Barre chords are an important part of a guitar player’s repertoire and really expand your ability to navigate the fretboard beyond open chord playing. That said, they can be a bit of a pain to get down as they require a good bit of hand strength and dexterity to play well.
Sus chords, or suspended chords, are variations to traditional major and minor chords. While the name might seem unfamiliar, you’ve undoubtedly heard them many times and would recognize them immediately in popular songs like “Crazy Little Thing Called Love” by Queen and many others. They have multiple uses and really help to add color and movement to chord progressions, particularly around a single chord.
In previous lessons we’ve explored both major triads and minor triads, which are two of the most commonly used triads. In this lesson we round out the triads of the major scale with a look at diminished triads.
Seventh chords are chords that include the root plus the 3rd, 5th, and 7th intervals above the root. Another way to think about it is a seventh chord is a triad plus a 7th interval.
If you’ve been exposed to at least a bit of guitar theory, you’ve most likely heard of the CAGED system. It’s a system that allows you to visualize the guitar fretboard by using common major chord shapes.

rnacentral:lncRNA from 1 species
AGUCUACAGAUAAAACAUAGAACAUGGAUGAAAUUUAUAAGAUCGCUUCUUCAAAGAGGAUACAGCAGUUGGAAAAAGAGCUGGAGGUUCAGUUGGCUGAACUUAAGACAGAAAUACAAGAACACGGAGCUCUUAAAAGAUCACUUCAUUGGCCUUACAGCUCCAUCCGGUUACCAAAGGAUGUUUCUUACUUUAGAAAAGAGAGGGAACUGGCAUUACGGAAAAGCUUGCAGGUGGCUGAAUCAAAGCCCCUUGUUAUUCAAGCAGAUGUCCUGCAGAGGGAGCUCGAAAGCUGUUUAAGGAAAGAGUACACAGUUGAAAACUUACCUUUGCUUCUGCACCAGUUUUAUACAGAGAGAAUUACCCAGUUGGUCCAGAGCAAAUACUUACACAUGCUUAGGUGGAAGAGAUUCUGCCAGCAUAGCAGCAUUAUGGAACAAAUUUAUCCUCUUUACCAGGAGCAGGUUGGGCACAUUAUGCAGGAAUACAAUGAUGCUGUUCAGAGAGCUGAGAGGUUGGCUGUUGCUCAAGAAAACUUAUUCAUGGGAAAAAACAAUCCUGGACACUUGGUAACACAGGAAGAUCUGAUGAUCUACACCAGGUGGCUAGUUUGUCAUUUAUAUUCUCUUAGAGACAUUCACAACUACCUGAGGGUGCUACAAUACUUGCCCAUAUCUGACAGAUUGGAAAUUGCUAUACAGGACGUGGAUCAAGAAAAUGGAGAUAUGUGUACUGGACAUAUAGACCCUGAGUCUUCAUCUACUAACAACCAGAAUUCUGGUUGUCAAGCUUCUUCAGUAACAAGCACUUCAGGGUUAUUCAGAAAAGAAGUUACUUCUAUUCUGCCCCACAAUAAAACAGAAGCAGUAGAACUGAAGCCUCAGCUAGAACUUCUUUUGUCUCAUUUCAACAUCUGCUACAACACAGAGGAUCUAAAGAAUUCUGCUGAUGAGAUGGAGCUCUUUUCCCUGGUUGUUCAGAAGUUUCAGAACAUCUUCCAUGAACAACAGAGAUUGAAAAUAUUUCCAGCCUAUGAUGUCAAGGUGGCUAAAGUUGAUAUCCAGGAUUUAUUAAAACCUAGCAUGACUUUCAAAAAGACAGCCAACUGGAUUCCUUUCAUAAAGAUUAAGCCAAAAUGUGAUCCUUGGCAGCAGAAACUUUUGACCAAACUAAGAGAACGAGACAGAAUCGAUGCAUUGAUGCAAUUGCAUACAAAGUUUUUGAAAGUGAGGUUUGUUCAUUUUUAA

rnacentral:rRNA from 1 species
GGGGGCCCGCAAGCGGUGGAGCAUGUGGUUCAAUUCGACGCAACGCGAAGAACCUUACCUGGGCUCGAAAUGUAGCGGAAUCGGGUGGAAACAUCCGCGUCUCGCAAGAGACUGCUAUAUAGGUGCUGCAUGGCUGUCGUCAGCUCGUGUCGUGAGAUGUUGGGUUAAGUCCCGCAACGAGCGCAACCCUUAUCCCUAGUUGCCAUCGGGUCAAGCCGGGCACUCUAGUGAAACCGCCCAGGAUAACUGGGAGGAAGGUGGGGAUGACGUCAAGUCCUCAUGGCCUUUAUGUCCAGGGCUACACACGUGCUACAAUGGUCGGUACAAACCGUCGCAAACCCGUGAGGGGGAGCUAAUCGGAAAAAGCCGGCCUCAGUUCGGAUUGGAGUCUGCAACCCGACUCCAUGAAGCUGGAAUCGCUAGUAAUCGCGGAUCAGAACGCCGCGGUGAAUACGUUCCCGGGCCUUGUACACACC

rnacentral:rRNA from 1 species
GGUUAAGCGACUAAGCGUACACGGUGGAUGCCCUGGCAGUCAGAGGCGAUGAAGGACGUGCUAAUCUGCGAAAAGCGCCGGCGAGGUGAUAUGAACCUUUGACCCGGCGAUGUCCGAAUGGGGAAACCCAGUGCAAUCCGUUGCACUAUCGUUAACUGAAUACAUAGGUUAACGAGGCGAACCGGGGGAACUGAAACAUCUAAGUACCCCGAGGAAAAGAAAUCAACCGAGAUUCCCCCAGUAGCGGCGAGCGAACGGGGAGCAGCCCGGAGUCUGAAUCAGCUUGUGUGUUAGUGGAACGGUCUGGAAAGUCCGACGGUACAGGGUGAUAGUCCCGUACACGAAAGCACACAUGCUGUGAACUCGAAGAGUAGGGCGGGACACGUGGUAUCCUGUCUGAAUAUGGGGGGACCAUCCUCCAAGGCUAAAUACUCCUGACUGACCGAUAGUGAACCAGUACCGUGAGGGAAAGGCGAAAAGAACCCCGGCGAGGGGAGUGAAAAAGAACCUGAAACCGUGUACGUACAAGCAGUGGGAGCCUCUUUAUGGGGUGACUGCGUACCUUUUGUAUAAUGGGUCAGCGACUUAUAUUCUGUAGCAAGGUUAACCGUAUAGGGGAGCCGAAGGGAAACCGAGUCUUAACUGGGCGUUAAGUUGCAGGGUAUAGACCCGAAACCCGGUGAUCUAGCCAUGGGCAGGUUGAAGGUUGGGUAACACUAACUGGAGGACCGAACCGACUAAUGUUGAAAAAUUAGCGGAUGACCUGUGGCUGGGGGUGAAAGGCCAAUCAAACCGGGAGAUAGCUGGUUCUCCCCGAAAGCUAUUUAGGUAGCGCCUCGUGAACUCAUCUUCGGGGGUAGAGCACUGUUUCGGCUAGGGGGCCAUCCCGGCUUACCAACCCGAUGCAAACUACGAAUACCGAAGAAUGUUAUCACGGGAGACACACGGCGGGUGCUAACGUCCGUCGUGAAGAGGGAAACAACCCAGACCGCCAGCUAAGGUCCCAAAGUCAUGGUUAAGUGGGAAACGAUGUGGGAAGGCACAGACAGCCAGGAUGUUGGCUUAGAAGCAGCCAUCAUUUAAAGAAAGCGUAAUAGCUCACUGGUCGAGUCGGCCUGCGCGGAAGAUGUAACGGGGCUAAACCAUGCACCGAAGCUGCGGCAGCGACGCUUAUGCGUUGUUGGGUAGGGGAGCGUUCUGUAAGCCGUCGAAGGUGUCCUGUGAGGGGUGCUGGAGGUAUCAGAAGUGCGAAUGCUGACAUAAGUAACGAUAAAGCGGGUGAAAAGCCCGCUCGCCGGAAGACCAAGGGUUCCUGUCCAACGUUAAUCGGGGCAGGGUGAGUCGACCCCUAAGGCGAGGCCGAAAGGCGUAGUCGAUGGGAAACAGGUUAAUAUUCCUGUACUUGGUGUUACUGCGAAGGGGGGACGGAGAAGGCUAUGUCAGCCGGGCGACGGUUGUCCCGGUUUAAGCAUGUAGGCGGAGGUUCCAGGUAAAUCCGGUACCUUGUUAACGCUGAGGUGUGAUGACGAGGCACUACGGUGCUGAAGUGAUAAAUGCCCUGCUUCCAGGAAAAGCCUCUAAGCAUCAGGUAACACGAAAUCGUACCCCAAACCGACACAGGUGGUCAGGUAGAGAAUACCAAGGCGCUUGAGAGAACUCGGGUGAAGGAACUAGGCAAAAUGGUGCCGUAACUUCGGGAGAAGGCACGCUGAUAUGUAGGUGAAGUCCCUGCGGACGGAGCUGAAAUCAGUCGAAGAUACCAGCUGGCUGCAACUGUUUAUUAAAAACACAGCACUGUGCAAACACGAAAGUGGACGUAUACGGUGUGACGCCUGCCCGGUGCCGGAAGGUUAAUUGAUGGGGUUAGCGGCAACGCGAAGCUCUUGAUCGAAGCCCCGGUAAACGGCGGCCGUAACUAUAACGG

Learning to apply the guitar number system to chord progressions will literally kick down the door to mastering the guitar fretboard.
Playing chord progressions by position is a great way to familiarize yourself with the different chord voicings found all over the neck. It helps open up the fretboard and reduces dependency on only playing open chords and basic barre chord shapes.
The power chord. If you’re new to guitar, you may not know what it is, but you’ve surely heard it. It’s the sound of rock n’ roll. These simple two-note chords have been used to create some of the greatest riffs and chord progressions in rock history. In this lesson we’re going to look at the basic power chords for guitar, from construction to the various ways they’re played.
Guitar chord inversions allow you to create different voicings for a given chord. These voicings can add a little flavor and variety to the typical chord sound. While “chord inversion” may sound complicated, it’s actually quite simple.